A lot of Go to Travel Gal readers want to know: Will Southwest extend the expiration dates of their travel funds and credits?
It’s important to many travelers right now who have had to change or cancel flights, thus getting refunds in the form of Southwest Unused Travel Funds (read our full guide about these funds) and the deadline of their Southwest travel funds’ expiration is close or occurred this month.
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Because these travelers know they won’t be able to use their funds before the deadline due to the concerns about travel around the virus, most were hoping Southwest would step up and extend the expiration date.
Southwest initially extended expiration dates on travel funds that expire between March 1 and June 30, 2020 until May 31 and then later until June 30, 2021.
But in an announcement on April 16, the airline announced an extremely generous extension in line with other airlines of more than two years!
Now, funds that are set to expire or that are created between March 1 and September 7, 2020 will now expire on September 7, 2022.
And no, that’s not a typo! NOT 2021, but 2022!!
Typically, Southwest Travel Funds expire one year from the original booking date.
Please note, however, that this is ONLY for travel funds created between March 1 and September 7, 2020.
All other travel funds are subject to the regular expiration date of 1 year from the original booking date.
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The Details of the Southwest Travel Funds Extension
At the beginning of this crisis, Southwest service reps were telling people they would not extend their travel funds, much to their disappointment.
In the past, Southwest has usually extended travel funds for up to a year if you asked, but they reduced your credit by $100 to do so.
It seemed this time that wasn’t even an option.
Way to go, everyone!
Here’s how it works as of April 16:
- Southwest Unused Travel Funds that expire between March 1-September 7, 2020, now expire September 7, 2022
- Newly-created travel funds due to a flight cancellation between March 1-September 7, 2020, will now expire September 7, 2022
But it’s a bit confusing.
When they say “expire,” they really mean you have until that date to book a flight with the funds.
If you end up needing to cancel that flight, any resulting funds will expire within one year from the date you purchased the flight with those funds.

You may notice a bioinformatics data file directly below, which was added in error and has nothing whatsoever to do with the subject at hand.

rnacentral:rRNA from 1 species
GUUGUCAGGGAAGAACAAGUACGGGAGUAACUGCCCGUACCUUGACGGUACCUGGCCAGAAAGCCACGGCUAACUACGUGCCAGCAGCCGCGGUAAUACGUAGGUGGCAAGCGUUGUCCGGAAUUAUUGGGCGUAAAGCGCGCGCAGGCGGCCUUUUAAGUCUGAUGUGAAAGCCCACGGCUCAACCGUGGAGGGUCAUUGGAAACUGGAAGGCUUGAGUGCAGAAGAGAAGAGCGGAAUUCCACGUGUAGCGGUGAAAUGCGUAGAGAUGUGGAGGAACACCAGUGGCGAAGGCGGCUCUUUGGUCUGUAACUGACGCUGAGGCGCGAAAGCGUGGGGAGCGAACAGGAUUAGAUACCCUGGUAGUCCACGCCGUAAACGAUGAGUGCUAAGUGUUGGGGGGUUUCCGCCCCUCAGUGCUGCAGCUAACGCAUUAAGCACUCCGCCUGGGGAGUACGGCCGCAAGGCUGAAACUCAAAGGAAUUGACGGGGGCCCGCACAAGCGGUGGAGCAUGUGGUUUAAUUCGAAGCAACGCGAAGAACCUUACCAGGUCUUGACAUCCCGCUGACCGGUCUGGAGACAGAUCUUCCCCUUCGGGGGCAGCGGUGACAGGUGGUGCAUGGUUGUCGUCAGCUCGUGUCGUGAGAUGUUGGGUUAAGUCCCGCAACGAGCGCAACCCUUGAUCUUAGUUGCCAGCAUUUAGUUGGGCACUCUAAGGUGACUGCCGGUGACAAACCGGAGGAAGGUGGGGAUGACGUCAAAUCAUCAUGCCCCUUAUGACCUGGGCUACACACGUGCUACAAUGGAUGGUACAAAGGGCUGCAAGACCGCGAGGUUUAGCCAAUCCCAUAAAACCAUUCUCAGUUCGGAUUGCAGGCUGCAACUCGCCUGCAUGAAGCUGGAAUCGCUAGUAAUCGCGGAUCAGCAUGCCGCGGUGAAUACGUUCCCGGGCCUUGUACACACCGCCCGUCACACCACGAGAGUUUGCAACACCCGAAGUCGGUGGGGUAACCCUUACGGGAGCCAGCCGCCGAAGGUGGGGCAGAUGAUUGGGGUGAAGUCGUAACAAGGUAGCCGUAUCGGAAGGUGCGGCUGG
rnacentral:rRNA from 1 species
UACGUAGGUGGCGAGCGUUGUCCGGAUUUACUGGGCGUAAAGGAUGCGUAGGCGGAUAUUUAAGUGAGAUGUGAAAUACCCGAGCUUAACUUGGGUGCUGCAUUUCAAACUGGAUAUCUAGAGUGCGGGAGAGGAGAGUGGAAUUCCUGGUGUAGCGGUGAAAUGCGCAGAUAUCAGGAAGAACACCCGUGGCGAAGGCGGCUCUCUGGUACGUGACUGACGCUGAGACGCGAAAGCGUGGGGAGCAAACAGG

So, for example, if you purchase a flight with your new fund on August 1, 2020 and then cancel that flight, the newly generated funds will NOW EXPIRE August 1, 2021, one year from that booking date.
If there were any funds that you didn’t use to book that flight on August 1, 2020, they would still be available for booking until the September 7, 2022 date. Make sense?
When will we see these changes?
The new expiration date should already be listed on your Travel Funds page under your My Account section at Southwest.com.
What About Flight Cancellations?
Due to the pandemic, Southwest may cancel your flight.
According to the US Department of Transportation, if an airline cancels your flight, they are required to refund even nonrefundable fares back to you in the way you paid for it.
So if you paid with a credit card, you should get that money back on your card if you want it.
Southwest said on this same page that they will OFFER cash refunds for those whose flights are canceled and who don’t want to re-book or use travel funds for future travel and those will not expire (per above) until September 7, 2022.
But they are hoping you’ll take the travel fund instead, so they can keep the cash. And I understand.
They need it right now!
So you will have to ASK for the refund if you want it.
Additionally, I have confirmed with Southwest that they WILL refund EarlyBird fees for flights that THEY cancel, which is in accordance with DOT guidelines that say ancillary fees should be refunded as well.
Southwest has also agreed to offer a LUV voucher (basically a gift certificate) to cover the cost of EarlyBird fees for flights where customers initiate the cancellation.
These are good for 1 year and are issued to the purchaser, but can be used to purchase flights only (not EarlyBird fees) for anyone.
I had great hope that Southwest would do right by their customers, because they are known for their outstanding customer service, which is one of the many reasons I love to fly Southwest.
Way to go, Southwest!
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